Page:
A senior member of the Iowa Senate announced that he is suspending his Republican Party membership to protest the party’s presumptive nominee, Donald Trump.
State Sen. David Johnson, who has served 18 years in the Iowa Legislature, said he changed his voter registration on Tuesday from Republican to “no party,” The Des Moines Register reported.
“I will not stand silent if the party of Lincoln and the end of slavery buckles under the racial bias of a bigot,” Mr. Johnson said. “Mark me down as Never Trump.”
He said he has not decided yet whether he will quit the Republican Caucus in the Iowa Senate. He said he’ll remain unaffiliated at least until next month’s Republican National Convention in Cleveland.
“I’m going to wait and see how the convention plays out,” Mr. Johnson told the Associated Press.
“If Mr. Trump is the nominee, he becomes the standard bearer for a party that’s on the verge of breaking apart. He simply cannot unify the GOP. If there is a profound split, I’ll gladly re-join Republicans who are dedicated to equality and justice for all, and let Mr. Trump lead his supporters over the cliff,” he told The Des Moines Register.
“There are consequences to the decision to suspend, for now, my Republican registration. I am fully aware of that,” he added. “As I have for the past 18 years, I will put a high priority on constituent service. Many of the voters who elected me are supporting Mr. Trump. I respect that, but disagree that he is qualified to lead the nation and the free world.”
Mr. Johnson’s comments came after Mr. Trump accused U.S. District Court Judge Gonzalo Curiel of bias in his decision against the now-defunct Trump University, because he disagrees with the billionaire’s immigration policies. Judge Gonzalo is of Mexican descent but was born in Indiana.
Republicans and Democrats alike denounced Mr. Trump’s statements, which the billionaire later said were “misconstrued.”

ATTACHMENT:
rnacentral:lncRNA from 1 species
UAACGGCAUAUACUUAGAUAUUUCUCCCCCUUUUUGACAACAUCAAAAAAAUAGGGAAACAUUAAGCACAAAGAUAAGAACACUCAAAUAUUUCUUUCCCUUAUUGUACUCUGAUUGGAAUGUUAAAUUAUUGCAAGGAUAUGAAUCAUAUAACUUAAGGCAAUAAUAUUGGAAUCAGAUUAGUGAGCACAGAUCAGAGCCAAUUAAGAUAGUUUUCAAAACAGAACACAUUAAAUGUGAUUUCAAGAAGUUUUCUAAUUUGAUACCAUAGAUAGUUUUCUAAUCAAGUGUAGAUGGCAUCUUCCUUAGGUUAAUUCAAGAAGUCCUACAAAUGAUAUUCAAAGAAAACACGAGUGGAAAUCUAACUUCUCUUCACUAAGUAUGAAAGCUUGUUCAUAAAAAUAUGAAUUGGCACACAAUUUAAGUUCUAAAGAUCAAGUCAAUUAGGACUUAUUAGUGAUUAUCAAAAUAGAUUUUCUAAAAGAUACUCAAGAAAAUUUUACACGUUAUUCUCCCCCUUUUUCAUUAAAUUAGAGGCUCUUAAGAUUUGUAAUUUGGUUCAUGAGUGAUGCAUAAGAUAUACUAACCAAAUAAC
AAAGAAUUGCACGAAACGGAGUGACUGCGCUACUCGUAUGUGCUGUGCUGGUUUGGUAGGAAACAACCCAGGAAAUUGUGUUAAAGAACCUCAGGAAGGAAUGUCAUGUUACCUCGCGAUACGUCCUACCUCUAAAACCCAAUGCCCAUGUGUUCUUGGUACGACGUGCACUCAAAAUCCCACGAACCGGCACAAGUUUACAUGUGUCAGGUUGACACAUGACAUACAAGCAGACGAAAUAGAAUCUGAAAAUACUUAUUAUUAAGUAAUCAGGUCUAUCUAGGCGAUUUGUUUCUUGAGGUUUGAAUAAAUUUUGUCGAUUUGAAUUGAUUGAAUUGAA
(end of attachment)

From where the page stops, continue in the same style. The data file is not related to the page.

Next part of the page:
Mr. Johnson scolded state and national party leaders — including Gov. Terry Branstad, U.S. Sen. Charles Grassley, U.S. House Speaker Paul Ryan and U.S. Senate Minority Leader Mitch McConnell — for condemning Mr. Trump’s comments without withdrawing their support for him.
Iowa Gov. Terry Branstad, a Republican, told reporters Monday that while Mr. Trump’s comments were inappropriate, he doesn’t believe the mogul is racist, The Des Moines Register reported.
“Most people that know Donald Trump know that he’s not a racist and that he’s had tremendous relationships with minorities, and he has a lot of minorities and women that have been in key positions in his business,” the governor said.
State Sen. Brad Zaun, a Republican Trump supporter, said he was surprised by Mr. Johnson’s decision to drop the party. He told The Des Moines Register that he hopes his colleague “comes to his senses and decides that the Republican Party is better than the Democratic Party in growing our economy and other issues.”
“Obviously, there are statements that upset me from time to time, including what Donald Trump said about the judge,” Mr. Zaun said. “But I am still supporting Donald Trump because the alternative is Hillary Clinton, and I don’t believe it is in the best interests of the state of Iowa and our country to support Hillary Clinton.”
Mr. Johnson supported former Texas Gov. Rick Perry in the Iowa caucus campaign, and then former tech CEO Carly Fiorina after Mr. Perry dropped out. He made it clear Tuesday that he would never support Mrs. Clinton for president, The Des Moines Register reported.